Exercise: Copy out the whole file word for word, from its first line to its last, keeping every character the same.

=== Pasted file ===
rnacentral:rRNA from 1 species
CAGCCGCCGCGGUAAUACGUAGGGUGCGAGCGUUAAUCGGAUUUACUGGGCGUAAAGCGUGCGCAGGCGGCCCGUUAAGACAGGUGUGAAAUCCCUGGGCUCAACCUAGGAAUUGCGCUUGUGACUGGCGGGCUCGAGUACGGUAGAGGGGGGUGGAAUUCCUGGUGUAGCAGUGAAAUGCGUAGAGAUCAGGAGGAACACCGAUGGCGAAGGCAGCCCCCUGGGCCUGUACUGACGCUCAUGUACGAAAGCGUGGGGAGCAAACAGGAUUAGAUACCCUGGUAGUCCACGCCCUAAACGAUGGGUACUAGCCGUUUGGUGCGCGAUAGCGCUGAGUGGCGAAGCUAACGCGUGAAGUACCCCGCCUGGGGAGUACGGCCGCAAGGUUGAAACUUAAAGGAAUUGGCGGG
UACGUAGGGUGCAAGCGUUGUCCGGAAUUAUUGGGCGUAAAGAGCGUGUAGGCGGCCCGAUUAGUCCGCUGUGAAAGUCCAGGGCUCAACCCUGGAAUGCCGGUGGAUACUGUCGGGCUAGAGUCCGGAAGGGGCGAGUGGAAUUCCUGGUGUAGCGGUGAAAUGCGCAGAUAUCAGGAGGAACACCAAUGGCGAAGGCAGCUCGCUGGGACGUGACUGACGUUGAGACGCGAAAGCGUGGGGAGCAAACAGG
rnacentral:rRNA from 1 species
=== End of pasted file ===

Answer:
rnacentral:rRNA from 1 species
CAGCCGCCGCGGUAAUACGUAGGGUGCGAGCGUUAAUCGGAUUUACUGGGCGUAAAGCGUGCGCAGGCGGCCCGUUAAGACAGGUGUGAAAUCCCUGGGCUCAACCUAGGAAUUGCGCUUGUGACUGGCGGGCUCGAGUACGGUAGAGGGGGGUGGAAUUCCUGGUGUAGCAGUGAAAUGCGUAGAGAUCAGGAGGAACACCGAUGGCGAAGGCAGCCCCCUGGGCCUGUACUGACGCUCAUGUACGAAAGCGUGGGGAGCAAACAGGAUUAGAUACCCUGGUAGUCCACGCCCUAAACGAUGGGUACUAGCCGUUUGGUGCGCGAUAGCGCUGAGUGGCGAAGCUAACGCGUGAAGUACCCCGCCUGGGGAGUACGGCCGCAAGGUUGAAACUUAAAGGAAUUGGCGGG
UACGUAGGGUGCAAGCGUUGUCCGGAAUUAUUGGGCGUAAAGAGCGUGUAGGCGGCCCGAUUAGUCCGCUGUGAAAGUCCAGGGCUCAACCCUGGAAUGCCGGUGGAUACUGUCGGGCUAGAGUCCGGAAGGGGCGAGUGGAAUUCCUGGUGUAGCGGUGAAAUGCGCAGAUAUCAGGAGGAACACCAAUGGCGAAGGCAGCUCGCUGGGACGUGACUGACGUUGAGACGCGAAAGCGUGGGGAGCAAACAGG
rnacentral:rRNA from 1 species